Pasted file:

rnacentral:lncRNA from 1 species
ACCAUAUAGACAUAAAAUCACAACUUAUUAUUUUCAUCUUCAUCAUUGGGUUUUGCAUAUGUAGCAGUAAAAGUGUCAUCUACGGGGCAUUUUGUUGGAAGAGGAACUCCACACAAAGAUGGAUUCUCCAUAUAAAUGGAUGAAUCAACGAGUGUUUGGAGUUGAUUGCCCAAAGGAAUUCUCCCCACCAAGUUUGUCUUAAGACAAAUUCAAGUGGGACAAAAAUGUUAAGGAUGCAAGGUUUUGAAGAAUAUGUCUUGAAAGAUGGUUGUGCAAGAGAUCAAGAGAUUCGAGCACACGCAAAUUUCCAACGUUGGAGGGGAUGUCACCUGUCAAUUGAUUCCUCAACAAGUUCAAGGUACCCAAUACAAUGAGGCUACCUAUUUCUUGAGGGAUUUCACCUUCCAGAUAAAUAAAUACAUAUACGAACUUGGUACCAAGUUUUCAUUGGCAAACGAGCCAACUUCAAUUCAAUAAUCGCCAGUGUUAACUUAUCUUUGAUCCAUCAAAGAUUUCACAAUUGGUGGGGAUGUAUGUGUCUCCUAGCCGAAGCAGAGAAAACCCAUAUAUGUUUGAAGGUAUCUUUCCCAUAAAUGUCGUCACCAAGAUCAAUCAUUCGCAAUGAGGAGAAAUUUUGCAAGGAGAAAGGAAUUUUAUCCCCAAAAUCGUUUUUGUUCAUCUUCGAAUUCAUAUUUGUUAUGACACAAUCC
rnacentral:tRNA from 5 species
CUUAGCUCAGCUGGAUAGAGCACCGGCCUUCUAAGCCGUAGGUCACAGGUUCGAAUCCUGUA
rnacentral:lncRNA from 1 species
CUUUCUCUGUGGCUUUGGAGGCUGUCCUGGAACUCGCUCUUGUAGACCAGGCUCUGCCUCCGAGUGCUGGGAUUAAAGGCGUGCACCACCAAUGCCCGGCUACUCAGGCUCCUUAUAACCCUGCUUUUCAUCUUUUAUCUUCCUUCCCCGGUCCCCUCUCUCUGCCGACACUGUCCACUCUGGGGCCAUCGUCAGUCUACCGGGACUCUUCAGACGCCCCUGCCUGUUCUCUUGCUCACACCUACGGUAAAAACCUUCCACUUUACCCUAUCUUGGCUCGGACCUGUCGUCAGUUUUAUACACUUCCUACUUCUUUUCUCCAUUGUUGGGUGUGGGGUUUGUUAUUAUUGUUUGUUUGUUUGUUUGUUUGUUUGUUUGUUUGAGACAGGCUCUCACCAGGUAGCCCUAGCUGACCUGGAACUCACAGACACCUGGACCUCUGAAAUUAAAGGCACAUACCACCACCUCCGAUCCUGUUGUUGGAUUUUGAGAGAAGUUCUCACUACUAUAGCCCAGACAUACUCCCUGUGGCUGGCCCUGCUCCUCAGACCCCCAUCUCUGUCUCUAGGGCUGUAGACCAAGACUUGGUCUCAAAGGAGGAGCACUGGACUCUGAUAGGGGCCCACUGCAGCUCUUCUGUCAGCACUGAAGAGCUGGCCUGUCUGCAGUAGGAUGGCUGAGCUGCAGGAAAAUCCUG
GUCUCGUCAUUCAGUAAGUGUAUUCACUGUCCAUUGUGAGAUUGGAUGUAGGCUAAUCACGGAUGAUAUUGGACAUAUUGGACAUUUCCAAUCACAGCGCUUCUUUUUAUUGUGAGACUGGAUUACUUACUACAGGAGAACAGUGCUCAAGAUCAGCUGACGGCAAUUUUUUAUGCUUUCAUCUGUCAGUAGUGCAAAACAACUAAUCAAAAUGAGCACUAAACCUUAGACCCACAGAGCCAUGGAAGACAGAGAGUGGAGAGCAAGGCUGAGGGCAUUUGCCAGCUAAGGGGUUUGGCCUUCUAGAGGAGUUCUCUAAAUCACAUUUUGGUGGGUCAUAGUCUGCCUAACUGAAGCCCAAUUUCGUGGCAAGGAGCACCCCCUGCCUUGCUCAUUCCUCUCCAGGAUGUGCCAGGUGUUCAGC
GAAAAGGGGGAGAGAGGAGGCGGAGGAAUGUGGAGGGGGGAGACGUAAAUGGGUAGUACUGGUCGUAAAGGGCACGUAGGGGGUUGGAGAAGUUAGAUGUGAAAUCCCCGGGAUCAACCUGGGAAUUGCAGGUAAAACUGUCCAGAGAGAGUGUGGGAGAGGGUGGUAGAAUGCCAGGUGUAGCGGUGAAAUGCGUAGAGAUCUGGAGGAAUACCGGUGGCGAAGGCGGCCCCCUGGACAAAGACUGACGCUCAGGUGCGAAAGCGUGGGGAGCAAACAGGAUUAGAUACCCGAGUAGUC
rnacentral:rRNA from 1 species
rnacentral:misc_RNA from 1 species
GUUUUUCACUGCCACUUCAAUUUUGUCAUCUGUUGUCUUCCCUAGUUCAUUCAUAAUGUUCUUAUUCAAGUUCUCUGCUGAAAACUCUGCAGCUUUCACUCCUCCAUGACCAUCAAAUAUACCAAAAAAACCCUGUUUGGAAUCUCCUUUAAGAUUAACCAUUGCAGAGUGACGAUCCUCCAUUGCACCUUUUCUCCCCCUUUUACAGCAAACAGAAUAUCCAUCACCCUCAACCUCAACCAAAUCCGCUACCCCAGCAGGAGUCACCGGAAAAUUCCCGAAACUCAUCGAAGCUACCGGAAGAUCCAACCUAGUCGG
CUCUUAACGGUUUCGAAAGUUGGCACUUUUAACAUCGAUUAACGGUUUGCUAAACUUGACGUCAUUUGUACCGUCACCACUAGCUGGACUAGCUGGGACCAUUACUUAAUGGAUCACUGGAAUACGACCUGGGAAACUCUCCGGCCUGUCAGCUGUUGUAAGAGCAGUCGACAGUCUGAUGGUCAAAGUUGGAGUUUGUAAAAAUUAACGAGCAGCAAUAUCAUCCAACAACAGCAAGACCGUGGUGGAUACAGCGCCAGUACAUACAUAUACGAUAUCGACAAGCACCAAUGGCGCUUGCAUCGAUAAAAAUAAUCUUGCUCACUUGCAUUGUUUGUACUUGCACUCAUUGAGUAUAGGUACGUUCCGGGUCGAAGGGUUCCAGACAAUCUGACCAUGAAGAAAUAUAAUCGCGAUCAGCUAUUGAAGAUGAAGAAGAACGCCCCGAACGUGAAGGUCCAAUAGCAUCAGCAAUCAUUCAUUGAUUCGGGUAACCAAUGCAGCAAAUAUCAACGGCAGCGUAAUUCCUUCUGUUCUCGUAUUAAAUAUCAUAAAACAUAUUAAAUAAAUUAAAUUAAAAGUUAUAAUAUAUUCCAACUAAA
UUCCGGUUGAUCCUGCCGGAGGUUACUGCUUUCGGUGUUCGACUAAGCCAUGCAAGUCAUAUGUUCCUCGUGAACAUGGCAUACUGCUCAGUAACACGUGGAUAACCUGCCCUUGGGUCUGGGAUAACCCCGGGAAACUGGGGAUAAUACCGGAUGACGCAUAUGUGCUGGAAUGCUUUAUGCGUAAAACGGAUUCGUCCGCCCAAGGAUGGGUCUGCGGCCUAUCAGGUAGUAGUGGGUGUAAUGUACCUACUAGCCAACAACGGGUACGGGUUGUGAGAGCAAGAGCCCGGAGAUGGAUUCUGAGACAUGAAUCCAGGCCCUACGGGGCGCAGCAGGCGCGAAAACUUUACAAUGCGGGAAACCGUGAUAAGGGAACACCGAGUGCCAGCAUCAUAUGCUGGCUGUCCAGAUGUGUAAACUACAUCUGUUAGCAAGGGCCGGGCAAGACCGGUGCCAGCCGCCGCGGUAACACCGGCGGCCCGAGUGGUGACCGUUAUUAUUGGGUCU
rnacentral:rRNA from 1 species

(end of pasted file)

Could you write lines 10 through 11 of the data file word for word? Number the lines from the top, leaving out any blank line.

rnacentral:misc_RNA from 1 species
GUUUUUCACUGCCACUUCAAUUUUGUCAUCUGUUGUCUUCCCUAGUUCAUUCAUAAUGUUCUUAUUCAAGUUCUCUGCUGAAAACUCUGCAGCUUUCACUCCUCCAUGACCAUCAAAUAUACCAAAAAAACCCUGUUUGGAAUCUCCUUUAAGAUUAACCAUUGCAGAGUGACGAUCCUCCAUUGCACCUUUUCUCCCCCUUUUACAGCAAACAGAAUAUCCAUCACCCUCAACCUCAACCAAAUCCGCUACCCCAGCAGGAGUCACCGGAAAAUUCCCGAAACUCAUCGAAGCUACCGGAAGAUCCAACCUAGUCGG